mechanisms ranging from control center in the brain to chemical
substances called hormones that are secreted by various organs
directly into the blood streams. Some of the functions controlled
by homeostasis mechanisms are blood pressure, body
temperature, breathing and heart rate.

To accurately identify areas of the body, clearly defined

anatomical terms are used. These terms refer to the body in
the anatomical position—standing erect, facing forward, arms
down at the side, with the palms turned forward. In this
position, the following apply:
Directional Terms
These are used to describe the relative position of one body part to another.

Posterior At or near the back of the body (back view)

Midline An imaginary vertical line that divides the body equally (right down the middle)

Lateral Farther from midline (side view)

Medial Nearer to midline (side view)

Superior Toward the head/upper part of a structure (bird’s-eye view, looking down)

Inferior Away from the head/lower part of a structure (bottom view, looking up)

Superficial Close to the surface of the body

Deep Away from the surface of the body

Proximal Nearer to the origination of a structure

Distal Farther from the origination of a structure

Body planes and
These are used to describe how the body or
an organ is divided into two parts:
Sagittal planes divide a body or organ vertically into right
and left parts. If the right and left parts are equal, the plane
is a midsagittal plane; if they're unequal, the plane is a
parasagittal plane.

Frontal (coronal) plane divides the body or organ vertically

into front (anterior) and rear (posterior) parts.

Horizontal (transverse) plane divides the body or organ

horizontally into top (superior) and bottom (inferior) parts.
This is also known as a cross‐section.
Regional terms
It identify specific areas of the body. In some cases, a descriptive
word is used to identify the location.

For example, the axial region refers to the main axis of the body—
the head, neck, and trunk. The appendicular region refers to the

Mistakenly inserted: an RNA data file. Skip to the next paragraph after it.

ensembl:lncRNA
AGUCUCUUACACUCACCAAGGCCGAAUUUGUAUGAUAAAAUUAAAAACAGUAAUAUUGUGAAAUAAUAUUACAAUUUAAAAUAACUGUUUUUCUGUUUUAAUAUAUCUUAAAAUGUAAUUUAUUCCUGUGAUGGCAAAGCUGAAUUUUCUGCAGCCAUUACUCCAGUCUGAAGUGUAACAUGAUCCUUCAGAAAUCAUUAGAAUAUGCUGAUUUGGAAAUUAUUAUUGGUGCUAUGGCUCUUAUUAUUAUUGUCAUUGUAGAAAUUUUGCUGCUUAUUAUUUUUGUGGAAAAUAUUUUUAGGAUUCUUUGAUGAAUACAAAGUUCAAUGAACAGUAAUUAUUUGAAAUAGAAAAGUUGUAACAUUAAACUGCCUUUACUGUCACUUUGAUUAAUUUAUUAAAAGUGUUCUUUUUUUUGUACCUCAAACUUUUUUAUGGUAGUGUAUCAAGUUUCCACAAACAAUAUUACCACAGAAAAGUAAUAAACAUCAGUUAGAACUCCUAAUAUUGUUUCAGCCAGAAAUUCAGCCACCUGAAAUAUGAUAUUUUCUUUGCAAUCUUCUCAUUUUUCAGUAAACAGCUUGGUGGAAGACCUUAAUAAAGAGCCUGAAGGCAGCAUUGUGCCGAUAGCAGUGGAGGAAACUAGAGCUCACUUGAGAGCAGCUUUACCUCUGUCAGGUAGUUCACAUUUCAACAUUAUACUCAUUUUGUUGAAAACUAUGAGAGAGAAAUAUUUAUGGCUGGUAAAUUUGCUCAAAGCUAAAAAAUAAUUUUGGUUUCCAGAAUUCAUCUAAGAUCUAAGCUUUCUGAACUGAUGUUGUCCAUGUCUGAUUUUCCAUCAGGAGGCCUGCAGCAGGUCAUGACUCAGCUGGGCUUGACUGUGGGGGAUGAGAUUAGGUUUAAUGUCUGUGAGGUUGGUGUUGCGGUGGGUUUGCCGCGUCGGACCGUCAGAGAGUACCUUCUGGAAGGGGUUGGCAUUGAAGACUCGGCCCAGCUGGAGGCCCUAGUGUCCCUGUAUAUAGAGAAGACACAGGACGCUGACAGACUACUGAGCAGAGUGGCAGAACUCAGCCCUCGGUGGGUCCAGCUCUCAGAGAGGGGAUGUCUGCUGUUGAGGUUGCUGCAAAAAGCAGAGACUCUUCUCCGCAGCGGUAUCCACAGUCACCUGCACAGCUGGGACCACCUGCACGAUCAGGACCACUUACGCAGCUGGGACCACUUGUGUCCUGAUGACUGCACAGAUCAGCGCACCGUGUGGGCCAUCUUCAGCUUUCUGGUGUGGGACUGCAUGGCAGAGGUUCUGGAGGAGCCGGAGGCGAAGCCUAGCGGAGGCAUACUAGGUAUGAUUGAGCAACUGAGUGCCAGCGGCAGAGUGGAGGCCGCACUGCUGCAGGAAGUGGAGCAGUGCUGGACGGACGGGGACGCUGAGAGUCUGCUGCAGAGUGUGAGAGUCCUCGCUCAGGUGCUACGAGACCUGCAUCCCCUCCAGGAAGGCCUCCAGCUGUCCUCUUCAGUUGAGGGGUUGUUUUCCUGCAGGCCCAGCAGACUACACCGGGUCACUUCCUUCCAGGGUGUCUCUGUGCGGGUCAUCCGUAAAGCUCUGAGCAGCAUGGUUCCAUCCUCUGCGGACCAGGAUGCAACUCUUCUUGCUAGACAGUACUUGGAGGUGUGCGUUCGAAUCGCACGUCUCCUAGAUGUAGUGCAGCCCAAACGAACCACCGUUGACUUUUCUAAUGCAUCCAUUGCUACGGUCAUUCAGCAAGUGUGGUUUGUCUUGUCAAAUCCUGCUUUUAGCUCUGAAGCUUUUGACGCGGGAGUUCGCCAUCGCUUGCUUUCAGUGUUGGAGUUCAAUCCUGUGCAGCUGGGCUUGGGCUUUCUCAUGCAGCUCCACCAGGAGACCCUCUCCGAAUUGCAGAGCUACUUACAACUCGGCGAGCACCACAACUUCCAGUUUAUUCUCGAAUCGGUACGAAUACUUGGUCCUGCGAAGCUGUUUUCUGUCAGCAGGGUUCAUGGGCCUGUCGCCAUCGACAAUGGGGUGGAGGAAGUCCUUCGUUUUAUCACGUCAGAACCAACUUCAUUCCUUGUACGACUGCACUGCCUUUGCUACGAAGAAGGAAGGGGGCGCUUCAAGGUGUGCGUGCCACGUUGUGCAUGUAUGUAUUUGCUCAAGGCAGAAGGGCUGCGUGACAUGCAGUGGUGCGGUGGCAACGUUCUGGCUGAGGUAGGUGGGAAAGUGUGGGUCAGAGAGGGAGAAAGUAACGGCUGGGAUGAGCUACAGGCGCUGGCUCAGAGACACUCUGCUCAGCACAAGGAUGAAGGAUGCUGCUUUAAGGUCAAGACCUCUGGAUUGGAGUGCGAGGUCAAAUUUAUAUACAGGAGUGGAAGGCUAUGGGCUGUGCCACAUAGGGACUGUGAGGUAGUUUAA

appendages—the arms and legs. Other regional terms use a body
part to identify a region of the body. For example, the nasal region
refers to the nose.
The cavities of the body house the
internal organs, which commonly
referred to as the viscera.

The two main body cavities are the

larger ventral (anterior) and the
smaller, dorsal (posterior) body
Anterior Cavity or Ventral Body Cavity
it constitutes the thoracic cavity and the abdomino-pelvic body
Thoracic Cavity – It houses lung and heart. It is protected by the rib cage & associated
musculature and the sternum anteriorly. It consists of the right and left pleural cavities and
mediastinum (the portion of tissues and organs that separates the left and right lung).
Abdomino-Pelvic Cavity – It extends from the diaphragm inferior to the floor of the pelvis. It is
divided into superior abdominal and inferior pelvic cavity by imaginary line passing at upper
Abdominal Cavity – it contains the stomach, intestine, liver, spleen and gallbladder.
Pelvic Cavity – it contains urinary bladder, rectum, and portions of the reproductive organs.
Posterior Cavity or Dorsal Body Cavity

– it constitutes the cephalic

cavity containing brain and the
vertebral canal containing the
spinal cord.
Activity no. 1
Answer the activity no 1. in your General Biology 2 Guide Book